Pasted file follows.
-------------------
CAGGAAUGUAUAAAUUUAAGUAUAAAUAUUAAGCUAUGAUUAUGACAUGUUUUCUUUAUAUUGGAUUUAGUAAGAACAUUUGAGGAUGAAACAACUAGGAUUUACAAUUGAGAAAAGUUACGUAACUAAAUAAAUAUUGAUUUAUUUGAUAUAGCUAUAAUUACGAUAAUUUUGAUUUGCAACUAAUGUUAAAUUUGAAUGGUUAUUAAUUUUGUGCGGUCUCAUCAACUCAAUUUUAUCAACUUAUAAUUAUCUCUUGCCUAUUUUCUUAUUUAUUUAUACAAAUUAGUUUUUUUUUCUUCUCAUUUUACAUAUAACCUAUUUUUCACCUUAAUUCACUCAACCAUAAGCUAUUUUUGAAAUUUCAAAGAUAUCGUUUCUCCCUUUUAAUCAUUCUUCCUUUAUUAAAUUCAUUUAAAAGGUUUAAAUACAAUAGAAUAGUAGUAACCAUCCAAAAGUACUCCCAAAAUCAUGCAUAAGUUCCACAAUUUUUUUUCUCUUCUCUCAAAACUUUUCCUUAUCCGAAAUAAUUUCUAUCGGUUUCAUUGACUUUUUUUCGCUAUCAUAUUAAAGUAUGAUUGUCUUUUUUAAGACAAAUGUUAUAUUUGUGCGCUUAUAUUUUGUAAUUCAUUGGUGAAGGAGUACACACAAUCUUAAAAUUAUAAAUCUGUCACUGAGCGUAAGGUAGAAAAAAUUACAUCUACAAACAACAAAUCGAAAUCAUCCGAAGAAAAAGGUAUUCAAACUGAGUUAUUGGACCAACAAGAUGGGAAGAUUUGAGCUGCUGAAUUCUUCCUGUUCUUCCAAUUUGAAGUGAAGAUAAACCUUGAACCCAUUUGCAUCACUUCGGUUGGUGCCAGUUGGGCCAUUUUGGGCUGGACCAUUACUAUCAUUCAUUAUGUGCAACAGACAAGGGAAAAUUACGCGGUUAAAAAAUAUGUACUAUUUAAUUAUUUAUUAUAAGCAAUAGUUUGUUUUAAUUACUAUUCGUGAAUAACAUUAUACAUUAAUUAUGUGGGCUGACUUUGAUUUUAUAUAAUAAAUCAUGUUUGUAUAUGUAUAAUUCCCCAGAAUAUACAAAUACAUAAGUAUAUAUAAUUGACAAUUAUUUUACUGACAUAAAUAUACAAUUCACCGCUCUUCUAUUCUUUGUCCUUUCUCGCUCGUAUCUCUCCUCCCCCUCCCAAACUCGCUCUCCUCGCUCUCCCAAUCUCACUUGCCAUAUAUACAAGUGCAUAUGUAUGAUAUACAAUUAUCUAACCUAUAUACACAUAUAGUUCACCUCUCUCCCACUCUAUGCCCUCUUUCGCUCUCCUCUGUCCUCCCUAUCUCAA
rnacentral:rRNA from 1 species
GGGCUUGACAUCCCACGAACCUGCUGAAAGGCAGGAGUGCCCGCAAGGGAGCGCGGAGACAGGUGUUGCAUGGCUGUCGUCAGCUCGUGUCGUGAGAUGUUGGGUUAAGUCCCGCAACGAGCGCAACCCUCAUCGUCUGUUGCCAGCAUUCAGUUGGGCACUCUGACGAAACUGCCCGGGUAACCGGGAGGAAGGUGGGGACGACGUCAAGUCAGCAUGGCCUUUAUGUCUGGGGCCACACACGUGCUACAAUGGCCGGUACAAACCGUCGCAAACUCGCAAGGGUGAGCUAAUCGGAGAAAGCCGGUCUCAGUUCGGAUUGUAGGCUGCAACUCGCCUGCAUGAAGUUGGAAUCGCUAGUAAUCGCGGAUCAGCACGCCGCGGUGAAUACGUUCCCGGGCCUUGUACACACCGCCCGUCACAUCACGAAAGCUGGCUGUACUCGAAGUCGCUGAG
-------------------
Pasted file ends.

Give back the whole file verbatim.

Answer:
CAGGAAUGUAUAAAUUUAAGUAUAAAUAUUAAGCUAUGAUUAUGACAUGUUUUCUUUAUAUUGGAUUUAGUAAGAACAUUUGAGGAUGAAACAACUAGGAUUUACAAUUGAGAAAAGUUACGUAACUAAAUAAAUAUUGAUUUAUUUGAUAUAGCUAUAAUUACGAUAAUUUUGAUUUGCAACUAAUGUUAAAUUUGAAUGGUUAUUAAUUUUGUGCGGUCUCAUCAACUCAAUUUUAUCAACUUAUAAUUAUCUCUUGCCUAUUUUCUUAUUUAUUUAUACAAAUUAGUUUUUUUUUCUUCUCAUUUUACAUAUAACCUAUUUUUCACCUUAAUUCACUCAACCAUAAGCUAUUUUUGAAAUUUCAAAGAUAUCGUUUCUCCCUUUUAAUCAUUCUUCCUUUAUUAAAUUCAUUUAAAAGGUUUAAAUACAAUAGAAUAGUAGUAACCAUCCAAAAGUACUCCCAAAAUCAUGCAUAAGUUCCACAAUUUUUUUUCUCUUCUCUCAAAACUUUUCCUUAUCCGAAAUAAUUUCUAUCGGUUUCAUUGACUUUUUUUCGCUAUCAUAUUAAAGUAUGAUUGUCUUUUUUAAGACAAAUGUUAUAUUUGUGCGCUUAUAUUUUGUAAUUCAUUGGUGAAGGAGUACACACAAUCUUAAAAUUAUAAAUCUGUCACUGAGCGUAAGGUAGAAAAAAUUACAUCUACAAACAACAAAUCGAAAUCAUCCGAAGAAAAAGGUAUUCAAACUGAGUUAUUGGACCAACAAGAUGGGAAGAUUUGAGCUGCUGAAUUCUUCCUGUUCUUCCAAUUUGAAGUGAAGAUAAACCUUGAACCCAUUUGCAUCACUUCGGUUGGUGCCAGUUGGGCCAUUUUGGGCUGGACCAUUACUAUCAUUCAUUAUGUGCAACAGACAAGGGAAAAUUACGCGGUUAAAAAAUAUGUACUAUUUAAUUAUUUAUUAUAAGCAAUAGUUUGUUUUAAUUACUAUUCGUGAAUAACAUUAUACAUUAAUUAUGUGGGCUGACUUUGAUUUUAUAUAAUAAAUCAUGUUUGUAUAUGUAUAAUUCCCCAGAAUAUACAAAUACAUAAGUAUAUAUAAUUGACAAUUAUUUUACUGACAUAAAUAUACAAUUCACCGCUCUUCUAUUCUUUGUCCUUUCUCGCUCGUAUCUCUCCUCCCCCUCCCAAACUCGCUCUCCUCGCUCUCCCAAUCUCACUUGCCAUAUAUACAAGUGCAUAUGUAUGAUAUACAAUUAUCUAACCUAUAUACACAUAUAGUUCACCUCUCUCCCACUCUAUGCCCUCUUUCGCUCUCCUCUGUCCUCCCUAUCUCAA
rnacentral:rRNA from 1 species
GGGCUUGACAUCCCACGAACCUGCUGAAAGGCAGGAGUGCCCGCAAGGGAGCGCGGAGACAGGUGUUGCAUGGCUGUCGUCAGCUCGUGUCGUGAGAUGUUGGGUUAAGUCCCGCAACGAGCGCAACCCUCAUCGUCUGUUGCCAGCAUUCAGUUGGGCACUCUGACGAAACUGCCCGGGUAACCGGGAGGAAGGUGGGGACGACGUCAAGUCAGCAUGGCCUUUAUGUCUGGGGCCACACACGUGCUACAAUGGCCGGUACAAACCGUCGCAAACUCGCAAGGGUGAGCUAAUCGGAGAAAGCCGGUCUCAGUUCGGAUUGUAGGCUGCAACUCGCCUGCAUGAAGUUGGAAUCGCUAGUAAUCGCGGAUCAGCACGCCGCGGUGAAUACGUUCCCGGGCCUUGUACACACCGCCCGUCACAUCACGAAAGCUGGCUGUACUCGAAGUCGCUGAG